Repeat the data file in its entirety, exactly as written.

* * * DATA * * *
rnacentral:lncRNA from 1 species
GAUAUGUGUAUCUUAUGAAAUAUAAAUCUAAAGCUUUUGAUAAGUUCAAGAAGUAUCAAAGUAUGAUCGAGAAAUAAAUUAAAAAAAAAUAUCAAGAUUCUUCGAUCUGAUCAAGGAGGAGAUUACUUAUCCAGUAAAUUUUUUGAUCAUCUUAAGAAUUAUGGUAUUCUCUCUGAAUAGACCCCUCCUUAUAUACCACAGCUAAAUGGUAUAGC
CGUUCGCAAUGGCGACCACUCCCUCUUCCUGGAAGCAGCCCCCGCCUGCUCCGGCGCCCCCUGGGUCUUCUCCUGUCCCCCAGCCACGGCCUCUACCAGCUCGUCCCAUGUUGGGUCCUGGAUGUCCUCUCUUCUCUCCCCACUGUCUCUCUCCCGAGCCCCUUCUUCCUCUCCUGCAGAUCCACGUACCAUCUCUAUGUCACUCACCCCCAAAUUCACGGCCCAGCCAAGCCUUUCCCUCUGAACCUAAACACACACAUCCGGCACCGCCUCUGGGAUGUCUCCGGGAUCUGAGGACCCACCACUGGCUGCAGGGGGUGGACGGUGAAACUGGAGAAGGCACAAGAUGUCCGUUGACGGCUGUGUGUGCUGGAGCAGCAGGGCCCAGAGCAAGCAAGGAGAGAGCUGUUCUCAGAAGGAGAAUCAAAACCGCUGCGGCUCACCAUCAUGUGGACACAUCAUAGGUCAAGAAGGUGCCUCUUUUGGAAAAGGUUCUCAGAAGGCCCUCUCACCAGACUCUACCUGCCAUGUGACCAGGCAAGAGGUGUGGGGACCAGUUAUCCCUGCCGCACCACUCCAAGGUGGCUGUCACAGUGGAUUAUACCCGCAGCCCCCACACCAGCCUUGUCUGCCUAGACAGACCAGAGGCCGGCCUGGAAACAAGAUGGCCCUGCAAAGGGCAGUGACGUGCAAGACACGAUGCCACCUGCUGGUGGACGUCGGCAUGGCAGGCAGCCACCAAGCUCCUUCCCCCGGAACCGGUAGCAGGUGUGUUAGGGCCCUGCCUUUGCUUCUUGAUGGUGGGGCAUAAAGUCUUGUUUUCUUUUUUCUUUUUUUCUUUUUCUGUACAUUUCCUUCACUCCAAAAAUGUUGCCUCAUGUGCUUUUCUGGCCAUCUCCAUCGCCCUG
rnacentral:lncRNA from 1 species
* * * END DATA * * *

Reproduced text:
rnacentral:lncRNA from 1 species
GAUAUGUGUAUCUUAUGAAAUAUAAAUCUAAAGCUUUUGAUAAGUUCAAGAAGUAUCAAAGUAUGAUCGAGAAAUAAAUUAAAAAAAAAUAUCAAGAUUCUUCGAUCUGAUCAAGGAGGAGAUUACUUAUCCAGUAAAUUUUUUGAUCAUCUUAAGAAUUAUGGUAUUCUCUCUGAAUAGACCCCUCCUUAUAUACCACAGCUAAAUGGUAUAGC
CGUUCGCAAUGGCGACCACUCCCUCUUCCUGGAAGCAGCCCCCGCCUGCUCCGGCGCCCCCUGGGUCUUCUCCUGUCCCCCAGCCACGGCCUCUACCAGCUCGUCCCAUGUUGGGUCCUGGAUGUCCUCUCUUCUCUCCCCACUGUCUCUCUCCCGAGCCCCUUCUUCCUCUCCUGCAGAUCCACGUACCAUCUCUAUGUCACUCACCCCCAAAUUCACGGCCCAGCCAAGCCUUUCCCUCUGAACCUAAACACACACAUCCGGCACCGCCUCUGGGAUGUCUCCGGGAUCUGAGGACCCACCACUGGCUGCAGGGGGUGGACGGUGAAACUGGAGAAGGCACAAGAUGUCCGUUGACGGCUGUGUGUGCUGGAGCAGCAGGGCCCAGAGCAAGCAAGGAGAGAGCUGUUCUCAGAAGGAGAAUCAAAACCGCUGCGGCUCACCAUCAUGUGGACACAUCAUAGGUCAAGAAGGUGCCUCUUUUGGAAAAGGUUCUCAGAAGGCCCUCUCACCAGACUCUACCUGCCAUGUGACCAGGCAAGAGGUGUGGGGACCAGUUAUCCCUGCCGCACCACUCCAAGGUGGCUGUCACAGUGGAUUAUACCCGCAGCCCCCACACCAGCCUUGUCUGCCUAGACAGACCAGAGGCCGGCCUGGAAACAAGAUGGCCCUGCAAAGGGCAGUGACGUGCAAGACACGAUGCCACCUGCUGGUGGACGUCGGCAUGGCAGGCAGCCACCAAGCUCCUUCCCCCGGAACCGGUAGCAGGUGUGUUAGGGCCCUGCCUUUGCUUCUUGAUGGUGGGGCAUAAAGUCUUGUUUUCUUUUUUCUUUUUUUCUUUUUCUGUACAUUUCCUUCACUCCAAAAAUGUUGCCUCAUGUGCUUUUCUGGCCAUCUCCAUCGCCCUG
rnacentral:lncRNA from 1 species